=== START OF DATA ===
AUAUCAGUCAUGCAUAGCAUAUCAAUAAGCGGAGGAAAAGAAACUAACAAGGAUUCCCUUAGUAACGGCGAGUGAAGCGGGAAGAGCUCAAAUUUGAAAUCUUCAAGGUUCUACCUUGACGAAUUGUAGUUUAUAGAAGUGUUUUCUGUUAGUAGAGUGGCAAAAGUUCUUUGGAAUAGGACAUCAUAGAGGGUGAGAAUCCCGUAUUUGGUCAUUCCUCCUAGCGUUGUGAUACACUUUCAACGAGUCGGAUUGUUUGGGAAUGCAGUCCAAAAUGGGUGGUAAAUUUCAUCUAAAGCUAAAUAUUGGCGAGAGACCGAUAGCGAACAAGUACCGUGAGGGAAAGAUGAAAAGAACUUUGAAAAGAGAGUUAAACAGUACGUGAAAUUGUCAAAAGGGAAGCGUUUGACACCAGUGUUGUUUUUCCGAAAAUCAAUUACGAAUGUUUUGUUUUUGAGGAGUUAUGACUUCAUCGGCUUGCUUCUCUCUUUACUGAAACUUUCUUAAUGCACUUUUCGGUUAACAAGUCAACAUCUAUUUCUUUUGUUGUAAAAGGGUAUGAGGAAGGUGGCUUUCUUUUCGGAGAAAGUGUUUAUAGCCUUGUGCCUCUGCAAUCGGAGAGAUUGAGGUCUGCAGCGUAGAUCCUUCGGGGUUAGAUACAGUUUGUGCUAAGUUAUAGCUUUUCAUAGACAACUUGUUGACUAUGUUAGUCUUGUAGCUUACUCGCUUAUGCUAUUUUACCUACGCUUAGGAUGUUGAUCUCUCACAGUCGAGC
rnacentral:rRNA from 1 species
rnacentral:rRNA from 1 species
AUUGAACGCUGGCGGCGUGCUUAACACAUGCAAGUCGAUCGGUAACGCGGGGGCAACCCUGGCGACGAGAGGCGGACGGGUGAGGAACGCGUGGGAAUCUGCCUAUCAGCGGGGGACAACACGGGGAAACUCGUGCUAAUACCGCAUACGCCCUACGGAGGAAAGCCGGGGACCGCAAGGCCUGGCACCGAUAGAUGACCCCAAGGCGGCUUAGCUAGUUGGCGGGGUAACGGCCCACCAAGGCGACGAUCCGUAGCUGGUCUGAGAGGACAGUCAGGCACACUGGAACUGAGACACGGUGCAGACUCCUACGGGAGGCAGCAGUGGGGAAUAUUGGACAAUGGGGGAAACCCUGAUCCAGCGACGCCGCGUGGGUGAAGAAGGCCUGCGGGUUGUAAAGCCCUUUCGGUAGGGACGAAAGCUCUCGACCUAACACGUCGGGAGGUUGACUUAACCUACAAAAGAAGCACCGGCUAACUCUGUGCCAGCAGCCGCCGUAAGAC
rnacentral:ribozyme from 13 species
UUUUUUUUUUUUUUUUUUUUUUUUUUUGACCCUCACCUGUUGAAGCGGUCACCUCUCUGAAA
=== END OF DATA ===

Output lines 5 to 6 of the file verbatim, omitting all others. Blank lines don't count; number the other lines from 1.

rnacentral:ribozyme from 13 species
UUUUUUUUUUUUUUUUUUUUUUUUUUUGACCCUCACCUGUUGAAGCGGUCACCUCUCUGAAA